Antipodean americana often surprises, never dull.
‘Nambucca Fables’ is the fourth solo album from Australian Mark Moldre and comes about as the result of a highly successful crowdfunding campaign. It is a common fallback of the reviewer when asked to discuss a perhaps lesser-known artist, to liken the sound and style to a more familiar name. For every individual listener that resemblance might bring a different artist to mind.
In this case, while the PR blurb mentions The Felice Brothers and Wilco, it is to the Americana favourite and small venue hero Peter Bruntnell that the mind turns as soon as the intricate guitars of Moldre and Jamie Hutchings give way to the vocals on ‘New Suit’. It is a song written to express the disorientation and psychological haze he felt at his mother’s funeral. To say that it resembles Bruntnell at his best is high praise indeed. It is a wistful yet honest appraisal of the dislocation that we all feel at these occasions. In Moldre’s own words, “You just want the day to end. People speak to you and you don’t really hear what they’re saying, You become a ghost for a day, wandering from group to group of mourners but not really engaging. A grey hallucination in a new suit.”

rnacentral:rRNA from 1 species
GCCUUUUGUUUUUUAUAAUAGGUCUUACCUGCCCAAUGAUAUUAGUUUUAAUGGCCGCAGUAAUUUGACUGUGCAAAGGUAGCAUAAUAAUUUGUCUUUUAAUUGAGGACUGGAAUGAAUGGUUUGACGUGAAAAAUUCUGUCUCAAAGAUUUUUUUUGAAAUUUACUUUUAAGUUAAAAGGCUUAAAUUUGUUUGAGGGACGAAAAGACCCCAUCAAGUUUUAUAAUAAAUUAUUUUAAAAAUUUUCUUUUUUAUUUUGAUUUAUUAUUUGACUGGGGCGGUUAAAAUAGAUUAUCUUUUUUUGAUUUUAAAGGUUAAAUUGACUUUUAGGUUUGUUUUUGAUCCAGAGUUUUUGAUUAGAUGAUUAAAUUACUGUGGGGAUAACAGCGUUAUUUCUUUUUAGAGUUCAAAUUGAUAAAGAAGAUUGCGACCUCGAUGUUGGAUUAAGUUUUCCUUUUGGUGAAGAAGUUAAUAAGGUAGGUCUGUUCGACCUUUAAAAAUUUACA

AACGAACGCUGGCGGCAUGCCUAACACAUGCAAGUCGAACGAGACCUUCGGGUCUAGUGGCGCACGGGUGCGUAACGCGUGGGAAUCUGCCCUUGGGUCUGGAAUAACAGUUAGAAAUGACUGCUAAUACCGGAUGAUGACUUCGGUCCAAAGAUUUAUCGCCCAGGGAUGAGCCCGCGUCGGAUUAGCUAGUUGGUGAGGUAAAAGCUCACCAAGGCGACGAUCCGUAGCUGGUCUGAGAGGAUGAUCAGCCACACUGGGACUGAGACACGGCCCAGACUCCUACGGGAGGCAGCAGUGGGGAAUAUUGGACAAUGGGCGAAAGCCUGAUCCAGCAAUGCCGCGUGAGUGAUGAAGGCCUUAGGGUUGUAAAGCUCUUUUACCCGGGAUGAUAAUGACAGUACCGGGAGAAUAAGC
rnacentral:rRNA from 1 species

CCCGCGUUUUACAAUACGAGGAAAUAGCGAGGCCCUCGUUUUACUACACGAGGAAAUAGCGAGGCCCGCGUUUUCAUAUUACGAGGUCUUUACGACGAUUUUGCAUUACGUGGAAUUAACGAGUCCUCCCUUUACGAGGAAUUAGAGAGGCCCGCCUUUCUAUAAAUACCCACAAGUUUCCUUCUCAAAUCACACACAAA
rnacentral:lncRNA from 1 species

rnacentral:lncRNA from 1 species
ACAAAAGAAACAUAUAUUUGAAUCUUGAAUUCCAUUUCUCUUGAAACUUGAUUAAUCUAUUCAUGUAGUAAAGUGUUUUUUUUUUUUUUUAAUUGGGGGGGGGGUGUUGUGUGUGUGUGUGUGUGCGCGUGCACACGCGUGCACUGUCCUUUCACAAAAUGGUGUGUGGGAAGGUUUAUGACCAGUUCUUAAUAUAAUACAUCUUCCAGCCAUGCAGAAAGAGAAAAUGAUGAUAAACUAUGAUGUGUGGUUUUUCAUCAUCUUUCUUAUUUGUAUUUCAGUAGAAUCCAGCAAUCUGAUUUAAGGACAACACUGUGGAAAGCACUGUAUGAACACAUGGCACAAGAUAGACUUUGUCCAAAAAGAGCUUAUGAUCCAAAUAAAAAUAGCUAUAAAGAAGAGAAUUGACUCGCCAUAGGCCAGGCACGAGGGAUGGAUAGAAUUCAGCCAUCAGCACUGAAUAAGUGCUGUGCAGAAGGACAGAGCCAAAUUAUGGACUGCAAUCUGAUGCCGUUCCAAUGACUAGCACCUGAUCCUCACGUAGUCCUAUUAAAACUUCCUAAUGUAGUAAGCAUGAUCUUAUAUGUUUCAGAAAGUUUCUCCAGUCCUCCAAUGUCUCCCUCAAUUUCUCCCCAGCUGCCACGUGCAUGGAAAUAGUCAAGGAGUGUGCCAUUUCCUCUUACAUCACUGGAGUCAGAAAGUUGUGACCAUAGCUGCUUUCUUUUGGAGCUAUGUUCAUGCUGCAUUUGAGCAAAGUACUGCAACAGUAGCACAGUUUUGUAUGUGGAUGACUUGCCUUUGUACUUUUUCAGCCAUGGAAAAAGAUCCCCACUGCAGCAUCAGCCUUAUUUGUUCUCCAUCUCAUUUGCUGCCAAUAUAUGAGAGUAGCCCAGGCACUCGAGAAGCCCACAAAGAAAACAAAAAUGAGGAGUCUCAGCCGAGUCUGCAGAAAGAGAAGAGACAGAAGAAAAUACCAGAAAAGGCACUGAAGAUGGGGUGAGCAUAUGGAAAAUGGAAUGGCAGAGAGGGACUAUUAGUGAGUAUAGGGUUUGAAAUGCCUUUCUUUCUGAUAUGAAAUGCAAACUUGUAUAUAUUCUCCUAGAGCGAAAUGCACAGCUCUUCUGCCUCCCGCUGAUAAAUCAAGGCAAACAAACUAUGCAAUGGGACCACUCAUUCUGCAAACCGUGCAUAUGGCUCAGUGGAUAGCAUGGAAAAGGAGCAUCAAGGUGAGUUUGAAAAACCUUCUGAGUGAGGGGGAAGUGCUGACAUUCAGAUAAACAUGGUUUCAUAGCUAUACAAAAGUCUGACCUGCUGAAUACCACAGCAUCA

The album is clearly very personal to Moldre. Nambucca Heads is where his mum was born and raised, and the family made regular trips there throughout his childhood. So as well as the subjects of grief and loss the album sees Moldre often take a nostalgic and reflective look back at those times. In doing so Moldre manages to continually surprise with the overall sound with very few tracks sounding the same.
‘This Little Town’ has a prominent twang factor and is a pared-back, gentle-sounding track that belies its subject matter of Chernobyl and its parallels to the insidious advance of cancer. ‘Homecoming’ follows and adds a distinctive violin and female backing to that twang. If that makes this sound all just a tad ‘country’ then that would be very misleading. These continual changes in pace and tone disabuse the listener from any notion of trying to pigeonhole the album.
The use of distorted guitars on some tracks bring an experimental feel to proceedings that brings elements of psychedelia and indie rock to the record. ‘It Is What It Is’ for example features a 3 minute guitar solo that feels a million miles away from that aforementioned gentle violin-led track. The end result is an album that often surprises, but always in a good way. Mark Moldre may be a new voice to many but it is a welcome one.